FREE TRADE Small family business Ahlberg Cameras from Sweden, is a world leading manufacturer of camera equipment for the nuclear power industry. 90% of their production goes to export – with 50% alone to the US. But costly trade tariffs on sales to the US throw a spanner in their works. “A free trade agreement would make things much easier for us,” says CEO Joakim Ahlberg.
NEWS Published:

Redundancies — a sign of Swedish decline

OPINION Swedish electronics flagship Ericsson announced over 2,200 redundancies in their home county, a clear signal of tough competition in the global economy. Companies always change, restructure, and evolve. As must Sweden’s policies to keep from falling behind. So far, however, the new left leaning Swedish government has brought no good proposals. Ericsson’s redundancy notice signals a tightening global economy – with high-paced change and razor sharp competition, says Tobias Krantz, Head of Education, Research and Innovation.
NEWS Published:

Record levels of women entrepreneurs

REPORT "Women’s participation in business is growing, and has reached record levels in 18 Swedish counties. More worrying is that 18% of all entrepreneurs are above the age of 64, as reported in the recently published study ‘Entrepreneurship in 2015’. “Conditions for women have improved. When markets are opened in areas like healthcare, more women are been able to start and run their own businesses," says Carolina Brånby, the Confederation of Swedish Enterprise Business Climate Expert.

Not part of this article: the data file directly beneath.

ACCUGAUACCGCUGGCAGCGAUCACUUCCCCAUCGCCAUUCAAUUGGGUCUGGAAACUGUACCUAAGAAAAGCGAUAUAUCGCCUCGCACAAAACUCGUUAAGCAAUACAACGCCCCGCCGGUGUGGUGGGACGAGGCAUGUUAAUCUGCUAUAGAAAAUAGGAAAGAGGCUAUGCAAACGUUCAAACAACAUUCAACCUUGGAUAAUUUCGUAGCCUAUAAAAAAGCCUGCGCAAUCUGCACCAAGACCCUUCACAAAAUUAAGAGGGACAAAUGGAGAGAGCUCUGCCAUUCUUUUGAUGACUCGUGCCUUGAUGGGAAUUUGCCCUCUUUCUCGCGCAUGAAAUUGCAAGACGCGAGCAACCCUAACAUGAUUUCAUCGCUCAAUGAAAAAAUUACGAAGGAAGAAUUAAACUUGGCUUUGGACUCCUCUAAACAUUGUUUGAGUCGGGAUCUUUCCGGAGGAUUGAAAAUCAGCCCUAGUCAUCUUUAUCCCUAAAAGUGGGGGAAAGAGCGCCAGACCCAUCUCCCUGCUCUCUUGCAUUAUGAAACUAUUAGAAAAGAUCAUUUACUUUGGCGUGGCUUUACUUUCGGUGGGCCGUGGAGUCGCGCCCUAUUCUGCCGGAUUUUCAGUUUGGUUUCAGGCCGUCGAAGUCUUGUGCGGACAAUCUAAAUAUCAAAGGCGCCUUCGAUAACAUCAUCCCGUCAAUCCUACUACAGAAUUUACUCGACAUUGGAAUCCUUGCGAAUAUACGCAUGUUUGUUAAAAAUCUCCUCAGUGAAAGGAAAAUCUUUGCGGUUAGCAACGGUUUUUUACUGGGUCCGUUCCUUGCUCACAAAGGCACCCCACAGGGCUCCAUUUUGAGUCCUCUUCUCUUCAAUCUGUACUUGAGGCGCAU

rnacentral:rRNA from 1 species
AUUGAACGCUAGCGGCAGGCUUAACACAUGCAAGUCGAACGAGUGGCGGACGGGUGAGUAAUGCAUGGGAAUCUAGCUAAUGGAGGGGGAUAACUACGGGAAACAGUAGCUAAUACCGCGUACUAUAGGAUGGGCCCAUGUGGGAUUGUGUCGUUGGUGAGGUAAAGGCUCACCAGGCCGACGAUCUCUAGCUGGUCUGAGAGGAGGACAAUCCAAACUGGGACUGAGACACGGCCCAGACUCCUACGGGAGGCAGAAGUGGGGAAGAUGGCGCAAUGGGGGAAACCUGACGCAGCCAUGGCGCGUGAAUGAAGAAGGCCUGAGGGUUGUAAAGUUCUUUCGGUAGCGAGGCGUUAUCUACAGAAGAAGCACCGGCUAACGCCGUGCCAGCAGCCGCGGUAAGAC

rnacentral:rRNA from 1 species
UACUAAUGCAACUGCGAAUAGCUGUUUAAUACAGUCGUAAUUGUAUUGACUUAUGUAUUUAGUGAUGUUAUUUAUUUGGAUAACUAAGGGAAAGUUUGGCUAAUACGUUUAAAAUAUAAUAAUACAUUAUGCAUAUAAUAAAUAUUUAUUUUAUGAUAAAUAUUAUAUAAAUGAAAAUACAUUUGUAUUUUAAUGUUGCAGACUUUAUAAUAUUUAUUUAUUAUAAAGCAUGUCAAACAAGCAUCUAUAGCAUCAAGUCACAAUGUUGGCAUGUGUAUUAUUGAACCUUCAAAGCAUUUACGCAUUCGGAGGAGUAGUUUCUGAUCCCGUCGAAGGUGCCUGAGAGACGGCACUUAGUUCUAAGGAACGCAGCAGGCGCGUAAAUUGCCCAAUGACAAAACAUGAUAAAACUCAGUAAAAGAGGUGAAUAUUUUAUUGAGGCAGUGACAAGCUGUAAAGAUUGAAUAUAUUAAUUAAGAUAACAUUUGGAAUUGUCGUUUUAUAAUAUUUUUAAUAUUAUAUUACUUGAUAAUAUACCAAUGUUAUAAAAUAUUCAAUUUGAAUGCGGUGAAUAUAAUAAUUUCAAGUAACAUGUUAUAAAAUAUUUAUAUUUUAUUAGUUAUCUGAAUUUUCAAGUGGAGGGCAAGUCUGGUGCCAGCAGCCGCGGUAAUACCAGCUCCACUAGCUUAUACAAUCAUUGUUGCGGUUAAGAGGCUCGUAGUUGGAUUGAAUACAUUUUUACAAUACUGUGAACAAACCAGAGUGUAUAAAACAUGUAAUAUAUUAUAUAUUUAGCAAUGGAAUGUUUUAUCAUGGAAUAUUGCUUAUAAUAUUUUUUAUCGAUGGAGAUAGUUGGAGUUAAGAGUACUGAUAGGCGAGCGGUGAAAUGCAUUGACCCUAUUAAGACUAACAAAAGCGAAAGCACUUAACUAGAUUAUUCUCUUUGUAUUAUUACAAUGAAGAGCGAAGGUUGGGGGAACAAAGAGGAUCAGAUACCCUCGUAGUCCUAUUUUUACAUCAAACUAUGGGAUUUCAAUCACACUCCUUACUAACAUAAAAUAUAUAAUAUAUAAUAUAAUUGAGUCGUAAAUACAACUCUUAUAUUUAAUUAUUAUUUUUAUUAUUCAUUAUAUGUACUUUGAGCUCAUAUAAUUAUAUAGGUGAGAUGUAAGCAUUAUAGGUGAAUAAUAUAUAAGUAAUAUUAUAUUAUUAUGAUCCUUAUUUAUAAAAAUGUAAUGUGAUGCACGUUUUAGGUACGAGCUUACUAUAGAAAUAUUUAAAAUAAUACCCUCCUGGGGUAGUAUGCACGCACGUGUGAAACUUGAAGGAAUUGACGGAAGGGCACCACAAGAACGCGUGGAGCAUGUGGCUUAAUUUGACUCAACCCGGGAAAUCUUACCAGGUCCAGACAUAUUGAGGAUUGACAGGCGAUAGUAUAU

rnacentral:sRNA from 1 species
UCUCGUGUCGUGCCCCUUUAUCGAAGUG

NEWS Published:

The Nordic Corporate Governance Model

The Confederation of Swedish Enterprise has sponsored and supported a project aimed at defining a common Nordic model of corporate governance within SNS (the Centre for Business and Policy Studies), Sweden’s leading policy research institute, in co-operation with leading researchers, experts and business people from Denmark, Finland, Norway and Sweden. As a result the book “The Nordic Corporate Governance Model” was launched.
NEWS Published:

Trade unions and employers have agreed on a policy on TTIP

Trade unions and employers within the industry have agreed on a policy as a contribution to the negotiations between the EU and US.
NEWS Published:

Advice (x3) for the Swedish National Council for Innovation and Quality in the Public Sector

OPINION The centre-left coalition government (Swedish Social Democrats and Green Party) just launched a new national council for Innovation and Quality in the Public Sector. Taking experiences with earlier tries at similar policy council, the Globalisation Council and the Future of Sweden Commission, Tobias Krantz, Head of Education, Research and Innovation, and Emil Görnerup, Head of Research and Development Policy at the Confederation of Swedish Enterprise, outline several principles to guide the new council.
NEWS Published:

An EU Energy Union Facing Challenges

OPINION The European Commission presented its plan for the EU energy union, designed to ensure access to environmentally sustainable energy at reasonable prices to all European households and businesses. The Confederation of Swedish Enterprise welcomes this initiative, but sees that several challenges await as energy markets of member nations are integrated in terms of infrastructure and legislation, writes Linda Flink, Energy and Climate Specialist. 
NEWS Published:

The Confederation of Swedish Enterprise hones international activities

CHANGES The Confederation of Swedish Enterprise has increased its emphasis on global issues. A new secretariat has been opened to support our international operations. As well a new advisor for international issues has been appointed. The organisational change is already in place!
NEWS Published:

The Advisory Committee of the Confederation of Swedish Enterprise visited Brussels

EU The Advisory Committee of the Confederation of Swedish Enterprise visited Brussels on February 25-26. The delegation consisted of the executive management of the Confederation, as well as CEOs for the main sector organisations.
NEWS Published:

Stråberg hands over the reins